State Partitioning is a broad effort to rework how Firefox manages client-side state (i.e., data stored in the browser) to mitigate the ability of websites to abuse state for cross-site tracking. This effort aims to achieve that by providing what is effectively a "different", isolated storage location to every website a user visits. This article gives an overview of the mechanism, lists the affected APIs and explains how to debug affected sites.
State Partitioning is currently turned on by default in the Firefox Nightly channel. A subset of the state partitioning efforts (namely network partitioning) has been enabled by default in the release channel of Firefox since version 85.
Browsers traditionally key client-side state by the origin (or sometimes
registrable domain) of the location a resource was loaded from. For example,
the cookies, localStorage objects, and caches available to an iframe loaded
https://example.com/hello.html will be keyed by
example.com. This is true regardless of whether the browser
is currently loading resources from that domain as a first-party
resources or as an embedded third party resources. Trackers have taken
advantage of this cross-site state to store user identifiers and access them
across websites. The example below shows how
example.com can use
its cross-site state (in this instance, cookies) to track a user across its
own site as well as
State Partitioning is a different approach to preventing cross-site tracking. Rather than block access to certain stateful APIs in a third-party context, Firefox provides embedded resources with a separate storage bucket for every top-level website. More specifically, Firefox double-keys all client-side state by the origin of the resource being loaded and by the top-level site. In most instances, the top-level site is the scheme and eTLD+1 of the top-level page being visited by the user.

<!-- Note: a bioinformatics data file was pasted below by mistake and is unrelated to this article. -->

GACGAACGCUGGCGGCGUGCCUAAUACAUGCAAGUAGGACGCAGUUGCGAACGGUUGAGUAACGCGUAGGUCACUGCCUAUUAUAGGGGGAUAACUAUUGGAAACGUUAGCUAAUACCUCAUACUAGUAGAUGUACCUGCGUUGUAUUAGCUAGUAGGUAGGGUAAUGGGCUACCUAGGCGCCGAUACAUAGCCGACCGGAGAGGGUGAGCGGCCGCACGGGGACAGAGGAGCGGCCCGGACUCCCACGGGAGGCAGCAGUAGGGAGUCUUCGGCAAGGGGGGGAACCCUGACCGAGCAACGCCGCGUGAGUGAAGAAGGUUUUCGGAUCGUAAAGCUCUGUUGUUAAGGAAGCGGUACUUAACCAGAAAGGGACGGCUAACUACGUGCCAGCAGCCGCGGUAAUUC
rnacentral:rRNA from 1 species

In the example below
example.com is embedded in
B.example. However, since storage is
partitioned, there are three distinct storage buckets (instead of one). The
tracker can still access storage, but since every storage bucket is
additionally keyed under the top-level site, the data it has access to on A
will be different from the data on B. This will prevent a tracker from storing
an identifier in their cookies when visited directly and then retrieving that
identifier when embedded in other websites.
The Privacy Community Group has a Work Item for Client-Side Storage Partitioning. This serves as an overview of the standardization efforts for storage partitioning in the individual standards affected. We intend to align our state partitioning implementation with these efforts as the Work Item is standardized.
Networking-related APIs are not intended to be used for websites to store data, but they can be abused for cross-site tracking. As such, the following network APIs and caches are permanently partitioned by the top-level site.
Note: Network Partitioning is permanent. Websites can't control or relax these restrictions.
Generally, if accessible storage is partitioned by top-level site, access to a third-parties unpartitioned cookies can still be granted if the Storage Access API is supported:
- using the Storage Access API.
- automatically, such as for third-parties providing federated login.
Details about automatic grants are provided in the Storage Access Heuristics section.
Storage access heuristics
To improve web compatibility, Firefox currently includes some heuristics to grant unpartitioned access to cookies automatically to third parties that receive user interaction. These heuristics are intended to allow some third-party integrations that are common on the web to continue to function.
Warning: Storage access heuristics are a transitional feature meant to prevent website breakage. They should not be relied upon for current and future web development.
- When a partitioned third-party opens a pop-up window that has opener access to the originating document, the third-party is granted storage access to its embedder for 30 days.
When a first-party